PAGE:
get your anti-equinators
The First Smallpox Vaccine Wasn’t What We Thought It Was
Edward Jenner figured out the connection between smallpox and humans from a milkmaid’s blistered hands. But it turns out cows aren’t actually the key to smallpox immunity.
On Oct. 12, 2017, the New England Journal of Medicine published a small study in the letter-to-the-editors section. The media largely ignored it. They shouldn’t have. Because of this study, we might now have to change the name of what is arguably humankind’s most important medical advance.
Six researchers from around the world analyzed a vial of smallpox vaccine manufactured in 1902. They found that the origin of the smallpox vaccine might contradict history.
Easily spread by tiny droplets of saliva containing millions of virus particles, smallpox was a common, severe, debilitating disease. The virus, which causes a high fever and a permanently disfiguring, pus-filled rash, killed one in every three of its victims and blinded many survivors. According to Scourge: The Once and Future Threat of Smallpox by Jonathan Tucker, in 1492, when Christopher Columbus crossed the Atlantic Ocean, 72 million Native Americans lived in North America; by 1800, only 600,000 remained. Smallpox—brought by European settlers—killed most of the rest. Indeed, smallpox has killed more people than all other infectious diseases combined, Tucker wrote.
To understand why the New England Journal of Medicine study was surprising, we have to go back to the late 18th century to Edward Jenner, a country doctor working in southern England.
In 1768, when Jenner was 13 years old and training as an apprentice apothecary in Chipping Sodbury, England, he approached a young milkmaid who appeared ill. “Are you coming down with the smallpox?” he asked. “I cannot take that disease,” she said, “for I have had the cowpox”—a disease that caused blisters on cow udders. Sometimes milkmaids would get these same blisters on their hands. While training to be a physician in London years later, Jenner told fellow surgeon John Hunter about the milkmaid’s observation. Hunter encouraged him to test her theory.
On May 14, 1796, Edward Jenner got his chance. Sarah Nelmes, a milkmaid in his employ, developed cowpox blisters on her hands and wrists. Jenner removed the pus from one of the blisters and injected it into the arm of James Phipps, the 8-year-old son of a local laborer. Six weeks later, Jenner injected Phipps with dried crusts obtained from the healed blisters of a patient who had survived smallpox (called variolation) “in order to ascertain whether the boy, after feeling so slight an affection of the system from the cowpox virus, was secure from contagion of smallpox.” Variolation had been used for decades to prevent smallpox. Typically, variolation caused fever and a painful, ulcerating blister at the site of injection. But nothing happened to James Phipps. Jenner reasoned that Phipps’ lack of reaction to variolation meant that he would be protected against smallpox. Later, Jenner variolated Phipps 20 more times; each time Phipps survived without incident. Apparently, cowpox virus was similar enough to human smallpox so that inoculation with one protected against disease caused by the other.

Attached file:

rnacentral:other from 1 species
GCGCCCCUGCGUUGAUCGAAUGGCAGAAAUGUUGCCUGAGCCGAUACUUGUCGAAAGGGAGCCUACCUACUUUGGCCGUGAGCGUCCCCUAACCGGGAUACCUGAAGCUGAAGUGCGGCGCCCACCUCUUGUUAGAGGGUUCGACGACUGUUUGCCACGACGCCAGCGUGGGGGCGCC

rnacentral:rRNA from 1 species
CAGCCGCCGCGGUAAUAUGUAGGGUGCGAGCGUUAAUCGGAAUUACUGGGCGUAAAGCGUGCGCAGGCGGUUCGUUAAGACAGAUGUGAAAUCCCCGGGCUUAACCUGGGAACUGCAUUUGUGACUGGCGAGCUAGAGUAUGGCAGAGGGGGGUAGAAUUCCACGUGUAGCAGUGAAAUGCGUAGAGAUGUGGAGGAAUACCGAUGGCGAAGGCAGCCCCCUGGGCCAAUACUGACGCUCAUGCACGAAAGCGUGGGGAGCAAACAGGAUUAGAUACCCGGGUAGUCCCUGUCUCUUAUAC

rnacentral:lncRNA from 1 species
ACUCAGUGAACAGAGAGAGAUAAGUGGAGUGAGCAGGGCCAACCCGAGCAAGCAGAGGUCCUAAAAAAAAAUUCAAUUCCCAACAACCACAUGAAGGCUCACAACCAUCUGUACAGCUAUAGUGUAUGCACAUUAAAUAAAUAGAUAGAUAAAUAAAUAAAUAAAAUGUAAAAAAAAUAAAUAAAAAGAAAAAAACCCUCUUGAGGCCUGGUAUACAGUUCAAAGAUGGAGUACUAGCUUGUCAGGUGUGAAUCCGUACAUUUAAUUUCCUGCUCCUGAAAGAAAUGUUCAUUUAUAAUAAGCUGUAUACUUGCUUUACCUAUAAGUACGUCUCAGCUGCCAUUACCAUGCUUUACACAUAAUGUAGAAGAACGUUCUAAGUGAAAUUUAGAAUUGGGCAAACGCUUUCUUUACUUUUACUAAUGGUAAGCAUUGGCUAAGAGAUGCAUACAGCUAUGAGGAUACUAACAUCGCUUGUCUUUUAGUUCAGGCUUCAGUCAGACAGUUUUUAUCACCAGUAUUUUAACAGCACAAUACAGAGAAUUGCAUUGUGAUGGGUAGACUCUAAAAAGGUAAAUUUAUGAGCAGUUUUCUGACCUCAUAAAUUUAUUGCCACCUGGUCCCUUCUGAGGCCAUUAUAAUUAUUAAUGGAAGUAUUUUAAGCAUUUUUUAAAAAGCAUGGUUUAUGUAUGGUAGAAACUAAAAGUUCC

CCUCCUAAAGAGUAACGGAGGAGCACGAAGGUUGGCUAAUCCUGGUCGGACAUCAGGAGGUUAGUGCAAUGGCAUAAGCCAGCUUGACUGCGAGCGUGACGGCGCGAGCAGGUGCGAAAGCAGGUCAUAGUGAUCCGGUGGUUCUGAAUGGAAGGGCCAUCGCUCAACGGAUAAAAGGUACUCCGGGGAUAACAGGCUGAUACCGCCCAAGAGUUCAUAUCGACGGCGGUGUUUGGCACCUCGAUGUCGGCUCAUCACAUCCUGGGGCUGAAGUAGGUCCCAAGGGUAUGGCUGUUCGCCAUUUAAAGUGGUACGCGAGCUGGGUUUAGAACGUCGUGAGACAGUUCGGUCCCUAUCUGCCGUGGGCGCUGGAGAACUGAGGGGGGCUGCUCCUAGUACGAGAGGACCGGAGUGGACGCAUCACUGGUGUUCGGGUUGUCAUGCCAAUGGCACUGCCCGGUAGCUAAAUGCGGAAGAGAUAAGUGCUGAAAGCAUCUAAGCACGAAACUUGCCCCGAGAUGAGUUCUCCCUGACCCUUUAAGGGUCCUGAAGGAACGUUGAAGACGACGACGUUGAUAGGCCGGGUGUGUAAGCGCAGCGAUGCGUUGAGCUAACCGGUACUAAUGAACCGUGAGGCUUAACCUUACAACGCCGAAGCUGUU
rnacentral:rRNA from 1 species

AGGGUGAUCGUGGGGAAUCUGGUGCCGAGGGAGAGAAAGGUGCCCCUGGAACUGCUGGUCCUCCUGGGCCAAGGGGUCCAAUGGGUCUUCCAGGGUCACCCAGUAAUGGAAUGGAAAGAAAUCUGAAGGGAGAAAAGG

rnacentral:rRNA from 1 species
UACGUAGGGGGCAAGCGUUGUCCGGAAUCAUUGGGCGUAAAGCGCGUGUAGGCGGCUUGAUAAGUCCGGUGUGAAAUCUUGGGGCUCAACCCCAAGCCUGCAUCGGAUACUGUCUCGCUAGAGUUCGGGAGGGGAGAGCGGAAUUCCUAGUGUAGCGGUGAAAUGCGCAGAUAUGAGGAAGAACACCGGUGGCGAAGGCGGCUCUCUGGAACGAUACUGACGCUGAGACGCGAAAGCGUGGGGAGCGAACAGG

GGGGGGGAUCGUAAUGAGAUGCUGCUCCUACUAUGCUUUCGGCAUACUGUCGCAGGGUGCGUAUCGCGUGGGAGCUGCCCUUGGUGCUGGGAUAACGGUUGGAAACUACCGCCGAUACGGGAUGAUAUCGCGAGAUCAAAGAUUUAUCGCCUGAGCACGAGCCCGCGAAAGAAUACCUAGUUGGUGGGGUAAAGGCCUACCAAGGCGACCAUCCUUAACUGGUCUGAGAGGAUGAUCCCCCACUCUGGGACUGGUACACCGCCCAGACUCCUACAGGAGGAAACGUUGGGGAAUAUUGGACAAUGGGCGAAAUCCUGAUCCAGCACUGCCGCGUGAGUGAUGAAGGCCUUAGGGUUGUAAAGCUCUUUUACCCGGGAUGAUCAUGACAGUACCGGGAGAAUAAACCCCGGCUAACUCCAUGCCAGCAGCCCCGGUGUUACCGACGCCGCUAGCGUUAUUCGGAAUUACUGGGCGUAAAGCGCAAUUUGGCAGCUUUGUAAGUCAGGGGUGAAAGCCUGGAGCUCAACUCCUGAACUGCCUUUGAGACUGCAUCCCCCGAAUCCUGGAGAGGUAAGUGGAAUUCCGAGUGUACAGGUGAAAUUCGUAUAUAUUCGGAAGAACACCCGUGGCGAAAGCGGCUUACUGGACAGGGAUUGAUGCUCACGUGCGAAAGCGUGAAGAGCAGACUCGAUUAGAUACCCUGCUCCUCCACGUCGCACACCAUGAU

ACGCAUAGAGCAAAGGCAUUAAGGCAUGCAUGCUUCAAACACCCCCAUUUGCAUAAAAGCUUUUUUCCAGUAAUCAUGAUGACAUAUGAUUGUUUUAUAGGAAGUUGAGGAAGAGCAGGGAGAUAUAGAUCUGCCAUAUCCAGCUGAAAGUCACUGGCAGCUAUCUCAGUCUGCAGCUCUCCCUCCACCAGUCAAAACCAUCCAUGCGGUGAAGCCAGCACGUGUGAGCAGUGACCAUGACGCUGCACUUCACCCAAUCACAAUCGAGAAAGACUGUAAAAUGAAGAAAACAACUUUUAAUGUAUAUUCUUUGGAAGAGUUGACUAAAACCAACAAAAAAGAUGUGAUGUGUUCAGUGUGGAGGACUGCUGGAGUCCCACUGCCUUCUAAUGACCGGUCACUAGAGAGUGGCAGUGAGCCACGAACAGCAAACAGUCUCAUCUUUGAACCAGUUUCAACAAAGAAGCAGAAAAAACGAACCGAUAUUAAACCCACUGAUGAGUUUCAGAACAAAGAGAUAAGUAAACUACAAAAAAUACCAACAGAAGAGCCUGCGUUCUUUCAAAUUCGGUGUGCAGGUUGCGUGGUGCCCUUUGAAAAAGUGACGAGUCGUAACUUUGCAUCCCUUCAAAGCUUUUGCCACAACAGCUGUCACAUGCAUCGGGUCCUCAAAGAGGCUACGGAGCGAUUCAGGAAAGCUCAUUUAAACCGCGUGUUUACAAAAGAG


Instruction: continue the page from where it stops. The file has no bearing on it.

Two years later, Jenner published his observations under the lengthy title “An Inquiry into the Causes and Effects of Variolae Vaccinae, a Disease Discovered in Some of the Western Counties of England, Particularly Gloucestershire, and Known by the Name of Cow Pox,” permanently affecting the way in which we referred to the procedure. The Latin word for cow is vacca; the possessive form of vacca is vaccinae. The phrase variolae vaccinae literally means “smallpox of the cow.”
And that’s how the word vaccine was born.
Within one year of Jenner’s publication, physicians had inoculated a thousand people with cowpox and translated Jenner’s observations into several languages. And 200 years later, smallpox—a disease that was estimated to have killed more than 500 million people, according to Tucker—was eradicated.
Which brings us back to the study from last month. The researchers who analyzed the vial of smallpox vaccine assumed that their phylogenetic analysis would reveal it to be primarily cowpox. What they found instead was that it was 99.7 percent horsepox, a virus that was also known to infect cows at the time that Edward Jenner was doing his experiments.
From a practical standpoint, this observation doesn’t have much impact. Because smallpox has been eliminated, we no longer use the smallpox vaccine. But one aspect of this vaccine remains—the word vaccine.
So, what now? Should we change the name of vaccines to something consistent with the finding that the original source might have been a horse? Should we call the procedure “equination”? And should we call those who oppose vaccines “anti-equinators”? Probably not. But this recent finding was certainly a surprise.